French author Patrick Modiano has won the 2014 Nobel Prize in Literature, it was revealed Thursday. In its announcement of the prize, the Swedish Academy heralded 69-year old Modiano for “the art of memory with which he has evoked the most ungraspable human destinies and uncovered the life-world of the occupation."
Modiano made his debut in 1968, with La place de l’étoile (Gallimard). His major works translated to English include three books from David R. Godine Publishers—Missing Person, Honeymoon, and Catherine Certitude—and Out of the Dark from University of Nebraska Press. A collection of three Modiano novellas, Suspended Sentences, which was slated to be published by Yale University Press in February 2015, but will now be released this November, according to a spokesperson there.
Godine is already experiencing a bump in sales, publicist Megan Sullivan told PW. The press has some stock for all three titles, but will work with Ingram's Lightning Source to replenish as early as next week. This is the second Nobel prize-winner on the Godine list. The Boston-based press also publishes the 2008 winner, J.M.G. Le Clézio.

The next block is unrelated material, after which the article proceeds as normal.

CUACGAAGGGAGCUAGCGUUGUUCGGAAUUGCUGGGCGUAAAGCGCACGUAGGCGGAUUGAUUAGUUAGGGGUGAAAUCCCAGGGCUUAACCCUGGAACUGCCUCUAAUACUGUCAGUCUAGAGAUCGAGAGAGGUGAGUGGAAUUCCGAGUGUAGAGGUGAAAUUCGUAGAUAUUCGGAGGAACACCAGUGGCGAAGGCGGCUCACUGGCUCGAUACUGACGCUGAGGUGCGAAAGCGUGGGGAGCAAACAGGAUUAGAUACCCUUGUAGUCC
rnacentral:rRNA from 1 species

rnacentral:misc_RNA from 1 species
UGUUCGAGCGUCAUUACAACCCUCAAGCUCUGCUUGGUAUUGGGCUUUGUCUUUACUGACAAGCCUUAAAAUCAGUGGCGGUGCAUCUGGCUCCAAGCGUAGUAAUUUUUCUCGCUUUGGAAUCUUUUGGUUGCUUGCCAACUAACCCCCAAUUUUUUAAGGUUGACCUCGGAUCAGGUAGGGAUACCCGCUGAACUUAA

Modiano, the 11th literature laureate born in France, according to the Academy, beat out favorites Ngugi Wa Thiong’o, Haruki Murakami, and Svetlana Aleksijevitj for the prestigious prize. The award, honoring a body of work, comes with a $1.1 million purse.
Canadian short story writer Alice Munro won the prize in 2013, when she was praised by the Academy as a "master of the contemporary short story."
This story has been updated.